I used Photoshop CS6 to create the composite photo for the “selfie.” I created a composite only once before, in another GMU course, and I had forgotten how to do it. Luckily, I remembered there was a YouTube tutorial.  After viewing the tutorial, I still had trouble being able to create a composite. I was using two non-JPEG files and thought that might have been the problem. After converting the PNG and the GIF file to JPEG, I was able to create the composite.  Below is a gallery of the original photos I used (and considered using) for this assignment:

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$5 Photo

For one of our visual assignments this week, I chose Return to the Scene of the Crime from the Assignment Bank.  The assignment required us to “Take a photo from the past that you took in a particular location. Return to that stop, and take another picture, “framing” the original within the current view.”

I took some liberties with the assignment guidelines: First, the photo of the past I used was not a print photo but the Lincoln Memorial printed on the back for the $5 note. Second, I took the photo I’m submitting a few months ago, not recently. This was on July 4, 2013, while I was volunteering for the American Red Cross during the 4th of July celebrations on the National Mall. For those  of you who live in the DC area, you’ll know that while there are always many people milling about on the steps of the Lincoln Memorial, it’s not usuallly as many as in this photo.  This crowd was waiting for the fireworks to begin.

I took this photo along the Reflecting Pool. My limitations included the glare from the setting sun, the temporary fencing put up by the National Park Service, and the crowds of people around me, all preventing me from aligning the $5 bill exactly with the columns of the actual Lincoln Memorial. I tried several ways to angle my camera but in the end could not align the columns properly without stepping on small children or falling into the (duck doo-infested) Reflecting Pool.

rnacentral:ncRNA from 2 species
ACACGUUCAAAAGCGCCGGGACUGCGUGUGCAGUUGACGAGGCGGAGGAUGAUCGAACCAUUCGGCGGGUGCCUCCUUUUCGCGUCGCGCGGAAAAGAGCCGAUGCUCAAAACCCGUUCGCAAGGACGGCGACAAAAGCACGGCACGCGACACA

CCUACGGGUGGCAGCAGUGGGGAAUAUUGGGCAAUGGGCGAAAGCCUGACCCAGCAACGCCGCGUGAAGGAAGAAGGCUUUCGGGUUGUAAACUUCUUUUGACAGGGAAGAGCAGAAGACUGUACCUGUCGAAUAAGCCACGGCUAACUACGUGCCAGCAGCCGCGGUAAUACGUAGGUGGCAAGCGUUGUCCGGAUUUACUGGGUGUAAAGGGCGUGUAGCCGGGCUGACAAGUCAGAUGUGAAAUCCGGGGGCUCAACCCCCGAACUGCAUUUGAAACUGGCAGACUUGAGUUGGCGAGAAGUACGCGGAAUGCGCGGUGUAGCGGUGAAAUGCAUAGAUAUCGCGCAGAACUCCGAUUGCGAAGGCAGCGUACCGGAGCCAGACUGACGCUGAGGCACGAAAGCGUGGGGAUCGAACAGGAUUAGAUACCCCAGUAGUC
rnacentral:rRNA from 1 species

This photo is worth more than $5

This photo is worth more than $5

I cannot even take credit for the idea of this photo. While on business travel the previous January to a naval hospital, I noticed a similar photo ($5 bill framed against the Lincoln Memorial) used as the background photo on someone’s computer screen. I asked him, a Navy veteran, about it and he told me it was taken on his one and only visit to Washington, D.C. That poignant conversation reminded me of how I sometimes take for granted that I live in a city replete with memorials to our nation’s history, yet there are thousands of Americans out there, including those who served in our armed forces, who have never had the chance to visit D.C. So, on the day the U.S. celebrated its independence from Great Britain and on the site of the memorial to the President who issued the Emancipation Proclamation, I copied the photo idea to honor those veterans, including two uncles, who have not had the chance to visit D.C.

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What did you have for lunch? A fifteen-minute photo scavenger hunt; it was quite filling

I did the photoblitz safari assignment during a lunch break, while on business travel to a naval hospital in California. The hospital is named after Robert Eugene Bush, who distinguished himself as an 18 year old sailor during the Battle of Okinawa in WWII. He was the youngest Navy sailor to earn the Medal of Honor in WWII, which was awarded by President Truman. During the battle, the Hospital Apprentice Third Class continued to fight off the enemy while administering lifesaving blood plasma to a wounded Marine officer. HA1 Bush was himself wounded but initially refused medical help until those who he was aiding were safely evacuated. A pair of sculptures depicting this heroism stands in front the naval hospital and is where I based my photo blitz. My appreciation for the work and dedication of our U.S. military medical corps grew in the past two years, while I was on this particular client project. Doing this photo blitz was a sentimental look back as I prepare to move on to a different client project.